Statutory tolling is permitted during the pendency of a properly filed application for relief pursuant to the PCRA.*fn9 In this case, Enlow's statute of limitations period was subject to statutory tolling from February 11, 2008, when he filed his PCRA petition, until June 8, 2011, when the Pennsylvania Supreme Court declined review. The federal limitation period then resumed, with 208 days remaining to file for federal habeas relief. Enlow waited 365 days to file, filing one year, to the day, from the date the state Supreme Court denied review of the PCRA decision. The R & R concluded that Enlow was not entitled to equitable tolling,*fn10 and therefore his petition was untimely.

Enlow has filed objections, arguing that he is entitled to equitable tolling because: 1) the Pennsylvania Supreme Court has instructed that issues of ineffective assistance of counsel should generally be raised on collateral review (i.e. in PCRA proceedings) and not on direct appeal,*fn11 and so the one-year statute of limitations for filing a §2254 petition alleging ineffective assistance of counsel should run from the date of the final ruling on the PCRA petition; and 2) in a letter ending the attorney-client relationship, Enlow's PCRA counsel advised him that: "It is my understanding that you would have . . . one (1) year within which to file a Petition for §2254 Relief with the Federal Court" and Enlow relied upon this advice.

In the §2254 context, equitable tolling is available only upon a showing that the petitioner has been reasonably diligent in pursuing his rights and that some extraordinary circumstance stood in the way of timely filing.*fn12 To show "extraordinary circumstances," a petitioner must show more than mistake or excusable neglect.*fn13 Here, Enlow puts forth no evidence from which the Court can find that extraordinary circumstances, as opposed to a mistake as to the statute of limitations, was the reason his §2254 petition was filed approximately five month late. With regard to Enlow's first argument, there is no support for Enlow's proposal that the statute of limitations be calculated from the conclusion of the PCRA process, rather than the conclusion of the direct appeal process, in ineffective assistance of counsel cases. As to his second argument, the Third Circuit instructs that if counsel or former counsel provides delayed notice of PCRA rulings, or misinformation regarding the applicable time for filing a habeas petition, these are not "extraordinary circumstances" warranting equitable tolling.*fn14 Accordingly, the Court finds that Enlow has failed to demonstrate that equitable tolling of the AEDPA statute of limitations is warranted, and it will overrule Enlow's obections to the R & R.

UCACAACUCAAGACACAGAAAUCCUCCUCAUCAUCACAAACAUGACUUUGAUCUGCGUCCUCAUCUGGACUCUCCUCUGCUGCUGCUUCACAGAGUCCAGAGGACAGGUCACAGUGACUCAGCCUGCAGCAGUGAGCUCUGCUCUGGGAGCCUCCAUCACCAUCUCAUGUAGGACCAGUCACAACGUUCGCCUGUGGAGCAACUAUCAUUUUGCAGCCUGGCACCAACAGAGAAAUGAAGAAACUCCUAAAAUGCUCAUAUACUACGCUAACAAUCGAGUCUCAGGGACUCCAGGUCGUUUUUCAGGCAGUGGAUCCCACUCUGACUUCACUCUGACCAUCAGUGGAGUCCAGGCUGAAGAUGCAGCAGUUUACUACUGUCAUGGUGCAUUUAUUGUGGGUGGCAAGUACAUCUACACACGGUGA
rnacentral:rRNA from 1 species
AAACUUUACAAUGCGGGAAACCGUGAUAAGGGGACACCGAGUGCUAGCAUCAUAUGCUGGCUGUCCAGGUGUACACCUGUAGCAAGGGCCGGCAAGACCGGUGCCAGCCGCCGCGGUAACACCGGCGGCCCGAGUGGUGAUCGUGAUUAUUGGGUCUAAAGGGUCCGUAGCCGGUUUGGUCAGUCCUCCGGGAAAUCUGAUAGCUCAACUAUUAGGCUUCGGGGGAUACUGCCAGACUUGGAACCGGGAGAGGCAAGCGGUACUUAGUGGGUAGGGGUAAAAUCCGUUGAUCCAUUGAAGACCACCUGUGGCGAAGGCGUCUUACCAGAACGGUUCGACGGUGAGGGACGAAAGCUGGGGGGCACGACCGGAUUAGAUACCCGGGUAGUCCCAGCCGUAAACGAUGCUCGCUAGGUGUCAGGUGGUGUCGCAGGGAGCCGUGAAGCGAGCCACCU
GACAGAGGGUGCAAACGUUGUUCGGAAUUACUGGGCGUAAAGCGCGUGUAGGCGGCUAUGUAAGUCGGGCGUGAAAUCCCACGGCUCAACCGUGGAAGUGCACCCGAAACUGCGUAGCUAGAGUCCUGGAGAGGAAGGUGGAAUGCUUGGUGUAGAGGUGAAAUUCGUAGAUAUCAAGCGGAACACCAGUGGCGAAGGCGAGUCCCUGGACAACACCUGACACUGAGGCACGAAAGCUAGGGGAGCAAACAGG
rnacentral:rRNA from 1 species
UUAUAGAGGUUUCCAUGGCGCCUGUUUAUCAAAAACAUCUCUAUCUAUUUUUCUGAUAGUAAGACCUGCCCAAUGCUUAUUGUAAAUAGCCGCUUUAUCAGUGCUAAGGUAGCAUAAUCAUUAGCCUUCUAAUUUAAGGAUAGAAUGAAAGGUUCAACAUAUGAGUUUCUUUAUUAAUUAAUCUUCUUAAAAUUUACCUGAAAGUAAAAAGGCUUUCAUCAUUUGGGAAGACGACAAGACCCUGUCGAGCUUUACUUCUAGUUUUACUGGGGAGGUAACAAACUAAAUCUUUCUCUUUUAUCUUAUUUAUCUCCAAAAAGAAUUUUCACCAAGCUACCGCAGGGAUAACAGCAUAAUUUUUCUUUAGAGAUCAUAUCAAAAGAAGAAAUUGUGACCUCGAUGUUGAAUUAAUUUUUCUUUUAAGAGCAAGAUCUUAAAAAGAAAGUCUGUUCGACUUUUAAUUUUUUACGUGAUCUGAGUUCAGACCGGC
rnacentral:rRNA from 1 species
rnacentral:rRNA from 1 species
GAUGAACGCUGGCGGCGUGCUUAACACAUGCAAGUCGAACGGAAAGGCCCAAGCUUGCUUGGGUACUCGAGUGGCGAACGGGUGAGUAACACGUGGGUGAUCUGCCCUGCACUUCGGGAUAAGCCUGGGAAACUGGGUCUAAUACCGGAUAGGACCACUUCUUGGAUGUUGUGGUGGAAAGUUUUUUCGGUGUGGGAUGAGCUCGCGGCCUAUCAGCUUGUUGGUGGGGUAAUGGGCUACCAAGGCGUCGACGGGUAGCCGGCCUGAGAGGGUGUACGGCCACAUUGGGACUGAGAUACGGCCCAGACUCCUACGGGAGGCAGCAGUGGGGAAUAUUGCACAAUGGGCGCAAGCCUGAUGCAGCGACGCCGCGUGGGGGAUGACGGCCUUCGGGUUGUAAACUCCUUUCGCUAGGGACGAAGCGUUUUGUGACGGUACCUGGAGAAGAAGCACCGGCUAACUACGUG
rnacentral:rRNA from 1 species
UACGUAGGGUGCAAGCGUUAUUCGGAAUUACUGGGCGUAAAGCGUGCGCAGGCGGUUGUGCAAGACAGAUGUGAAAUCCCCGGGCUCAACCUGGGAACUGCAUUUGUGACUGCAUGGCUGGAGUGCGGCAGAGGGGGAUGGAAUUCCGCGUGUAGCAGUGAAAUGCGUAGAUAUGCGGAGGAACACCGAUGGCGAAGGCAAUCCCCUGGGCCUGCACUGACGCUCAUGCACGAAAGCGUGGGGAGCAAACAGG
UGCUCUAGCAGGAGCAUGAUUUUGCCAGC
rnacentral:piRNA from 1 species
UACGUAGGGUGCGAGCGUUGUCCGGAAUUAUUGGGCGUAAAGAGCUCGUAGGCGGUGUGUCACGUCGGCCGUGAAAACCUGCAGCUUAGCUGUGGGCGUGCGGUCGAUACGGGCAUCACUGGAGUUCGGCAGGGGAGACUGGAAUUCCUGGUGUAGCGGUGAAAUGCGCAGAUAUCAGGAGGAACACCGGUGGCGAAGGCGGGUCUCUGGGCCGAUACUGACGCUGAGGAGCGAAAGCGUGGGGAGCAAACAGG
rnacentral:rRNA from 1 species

Through his objections, Enlow also seeks reconsideration of the Court's August 24, 2012 Order dismissing without prejudice the document captioned "Amended Petition Under 28 U.S.C. §2254,"*fn15 which Enlow filed, without leave of the Court, on August 2, 2012.*fn16 As any motion for reconsideration must be filed within fourteen days after entry of the order,*fn17 Enlow's objections, filed on October 1, 2012, did not constitute a timely ...